Monmouth County Remembers Those Who Served

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County offices will be closed Monday, in observance of Memorial Day

FREEHOLD, NJ – The Monmouth County Board of Chosen Freeholders wishes everyone a safe Memorial Day weekend and reminds residents that while most County offices will be closed on Monday in observance of the national holiday, all County parks and golf courses will be open.

“Memorial Day weekend is often viewed as a time for spending time with family and friends at the beach or a barbeque, but it is important for us all to remember the true reason for the holiday and that is honoring the brave men and women who have made the ultimate sacrifice for our country and our freedom,” said Freeholder Director Thomas A. Arnone. “A fun way that you and your family can commemorate Memorial Day is by attending one of the many parades and ceremonies held throughout Monmouth County!”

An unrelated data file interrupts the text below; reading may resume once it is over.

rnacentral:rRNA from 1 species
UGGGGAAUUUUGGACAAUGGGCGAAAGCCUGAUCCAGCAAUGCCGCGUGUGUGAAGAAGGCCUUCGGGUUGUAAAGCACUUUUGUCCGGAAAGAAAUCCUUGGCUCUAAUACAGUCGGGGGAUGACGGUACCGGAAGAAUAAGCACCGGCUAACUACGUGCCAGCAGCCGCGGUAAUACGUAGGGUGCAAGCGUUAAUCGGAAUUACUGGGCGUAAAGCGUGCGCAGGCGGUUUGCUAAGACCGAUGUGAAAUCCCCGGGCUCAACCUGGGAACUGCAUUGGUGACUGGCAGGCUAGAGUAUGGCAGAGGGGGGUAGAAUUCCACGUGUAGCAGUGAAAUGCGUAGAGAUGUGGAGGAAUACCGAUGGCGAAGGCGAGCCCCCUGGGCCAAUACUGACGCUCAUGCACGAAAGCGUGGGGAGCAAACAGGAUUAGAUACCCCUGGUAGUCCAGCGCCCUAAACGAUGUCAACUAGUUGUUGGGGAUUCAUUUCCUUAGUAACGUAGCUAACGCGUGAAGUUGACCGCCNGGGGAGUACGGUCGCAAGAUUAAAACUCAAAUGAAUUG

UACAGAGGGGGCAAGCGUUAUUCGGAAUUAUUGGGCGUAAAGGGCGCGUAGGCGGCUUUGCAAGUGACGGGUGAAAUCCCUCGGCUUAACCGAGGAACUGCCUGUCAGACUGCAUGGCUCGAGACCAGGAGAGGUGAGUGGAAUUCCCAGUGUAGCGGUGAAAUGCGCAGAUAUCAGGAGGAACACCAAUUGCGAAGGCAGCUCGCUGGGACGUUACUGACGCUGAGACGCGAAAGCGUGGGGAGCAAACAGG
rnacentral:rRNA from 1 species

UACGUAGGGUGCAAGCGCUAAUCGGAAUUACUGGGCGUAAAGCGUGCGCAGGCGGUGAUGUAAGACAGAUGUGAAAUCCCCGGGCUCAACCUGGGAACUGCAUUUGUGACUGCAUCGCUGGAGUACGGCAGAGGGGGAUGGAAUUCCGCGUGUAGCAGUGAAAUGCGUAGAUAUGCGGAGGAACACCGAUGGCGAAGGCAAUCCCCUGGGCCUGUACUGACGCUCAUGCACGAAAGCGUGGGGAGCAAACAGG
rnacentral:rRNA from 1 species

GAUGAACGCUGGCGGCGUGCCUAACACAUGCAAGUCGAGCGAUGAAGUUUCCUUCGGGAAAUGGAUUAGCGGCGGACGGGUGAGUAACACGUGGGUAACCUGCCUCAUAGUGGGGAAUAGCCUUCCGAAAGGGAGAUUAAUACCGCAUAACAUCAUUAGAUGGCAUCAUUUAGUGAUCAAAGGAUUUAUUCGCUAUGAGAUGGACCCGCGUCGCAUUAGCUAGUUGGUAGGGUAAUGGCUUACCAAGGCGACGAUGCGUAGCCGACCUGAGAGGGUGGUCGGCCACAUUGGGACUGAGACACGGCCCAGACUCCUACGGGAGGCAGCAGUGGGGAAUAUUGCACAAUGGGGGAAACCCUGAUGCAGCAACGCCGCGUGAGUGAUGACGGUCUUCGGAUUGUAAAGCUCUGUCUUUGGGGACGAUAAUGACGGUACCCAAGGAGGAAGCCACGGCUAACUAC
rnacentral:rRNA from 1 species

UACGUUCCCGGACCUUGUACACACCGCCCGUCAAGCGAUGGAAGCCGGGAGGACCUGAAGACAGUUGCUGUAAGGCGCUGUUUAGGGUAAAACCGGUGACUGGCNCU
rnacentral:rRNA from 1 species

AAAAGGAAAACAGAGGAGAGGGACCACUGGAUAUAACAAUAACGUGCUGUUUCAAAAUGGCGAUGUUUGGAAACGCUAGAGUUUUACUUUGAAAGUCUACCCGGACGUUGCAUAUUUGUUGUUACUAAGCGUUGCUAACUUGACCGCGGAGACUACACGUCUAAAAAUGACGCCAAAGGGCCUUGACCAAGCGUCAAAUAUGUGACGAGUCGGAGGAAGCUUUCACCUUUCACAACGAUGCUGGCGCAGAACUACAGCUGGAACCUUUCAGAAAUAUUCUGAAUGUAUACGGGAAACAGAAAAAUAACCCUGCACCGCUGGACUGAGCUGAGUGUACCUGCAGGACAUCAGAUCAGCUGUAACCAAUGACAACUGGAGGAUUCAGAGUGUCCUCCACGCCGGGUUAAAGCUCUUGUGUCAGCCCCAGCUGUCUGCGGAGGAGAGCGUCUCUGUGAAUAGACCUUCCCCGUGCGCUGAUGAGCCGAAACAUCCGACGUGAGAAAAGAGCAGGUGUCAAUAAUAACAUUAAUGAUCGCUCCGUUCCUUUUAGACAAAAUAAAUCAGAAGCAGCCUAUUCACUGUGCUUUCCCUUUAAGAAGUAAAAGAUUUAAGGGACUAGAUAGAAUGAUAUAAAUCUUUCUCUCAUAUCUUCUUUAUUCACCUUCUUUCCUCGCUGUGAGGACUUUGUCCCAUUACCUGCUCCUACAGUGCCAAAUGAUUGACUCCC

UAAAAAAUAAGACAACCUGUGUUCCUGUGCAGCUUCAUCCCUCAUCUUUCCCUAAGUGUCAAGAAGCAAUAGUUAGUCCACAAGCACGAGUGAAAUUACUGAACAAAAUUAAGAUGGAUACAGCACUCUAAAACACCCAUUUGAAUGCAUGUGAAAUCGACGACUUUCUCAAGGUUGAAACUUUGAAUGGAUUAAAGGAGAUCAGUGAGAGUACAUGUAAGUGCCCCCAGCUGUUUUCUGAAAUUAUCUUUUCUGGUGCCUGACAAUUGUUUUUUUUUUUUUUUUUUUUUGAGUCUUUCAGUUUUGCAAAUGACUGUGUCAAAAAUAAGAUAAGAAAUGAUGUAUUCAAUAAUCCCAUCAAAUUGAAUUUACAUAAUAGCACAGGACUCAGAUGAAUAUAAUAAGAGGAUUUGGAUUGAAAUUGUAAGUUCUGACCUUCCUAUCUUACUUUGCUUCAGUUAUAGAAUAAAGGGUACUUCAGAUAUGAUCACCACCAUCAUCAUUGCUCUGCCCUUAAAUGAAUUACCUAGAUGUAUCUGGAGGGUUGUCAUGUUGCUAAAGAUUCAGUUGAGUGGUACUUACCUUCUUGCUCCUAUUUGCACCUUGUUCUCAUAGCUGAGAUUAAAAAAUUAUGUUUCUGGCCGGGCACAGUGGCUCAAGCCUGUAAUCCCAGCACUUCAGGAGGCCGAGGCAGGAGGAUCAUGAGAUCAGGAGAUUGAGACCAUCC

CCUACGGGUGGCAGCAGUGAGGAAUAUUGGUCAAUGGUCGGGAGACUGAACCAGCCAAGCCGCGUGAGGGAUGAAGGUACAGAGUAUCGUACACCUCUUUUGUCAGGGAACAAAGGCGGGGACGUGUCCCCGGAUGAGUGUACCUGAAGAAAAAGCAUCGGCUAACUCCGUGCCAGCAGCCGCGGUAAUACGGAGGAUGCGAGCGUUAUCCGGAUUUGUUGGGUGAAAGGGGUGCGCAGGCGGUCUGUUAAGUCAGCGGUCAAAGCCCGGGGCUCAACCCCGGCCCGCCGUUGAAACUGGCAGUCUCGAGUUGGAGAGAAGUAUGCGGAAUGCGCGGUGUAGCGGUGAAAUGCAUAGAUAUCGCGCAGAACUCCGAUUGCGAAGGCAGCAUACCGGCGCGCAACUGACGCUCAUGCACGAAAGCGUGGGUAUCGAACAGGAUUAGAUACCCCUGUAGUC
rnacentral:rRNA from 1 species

For more information, go to to find a list of events to celebrate Memorial Day in Monmouth County.

Originally called Decoration Day, Memorial Day is a day of remembrance for those who have died in service to our country. In 1971, Congress declared Memorial Day a national holiday to be celebrated on the last Monday of May.

“Memorial Day is a time for us to show appreciation for all of our veterans,” said Freeholder Deputy Directory Lillian G. Burry, liaison to the Monmouth County Veterans Services Office. “Here in Monmouth County, we are dedicated to assisting our veterans and their families and have even recently opened the Veterans Connection at Fort Monmouth.”

The Veteran’s Services Office helps our military apply for service-connected compensation and pension benefits and provides referrals for counseling and other services. For more information about Veterans Services call 732-683-8675.

Memorial Day was first widely observed on May 30, 1868, to commemorate the sacrifices of Civil War soldiers, by proclamation of Gen. John A. Logan of the Grand Army of the Republic, an organization of former sailors and soldiers. By the late 1800s, communities began to observe Memorial Day and, after World War I, it became an occasion for honoring those who had died in all of America’s wars.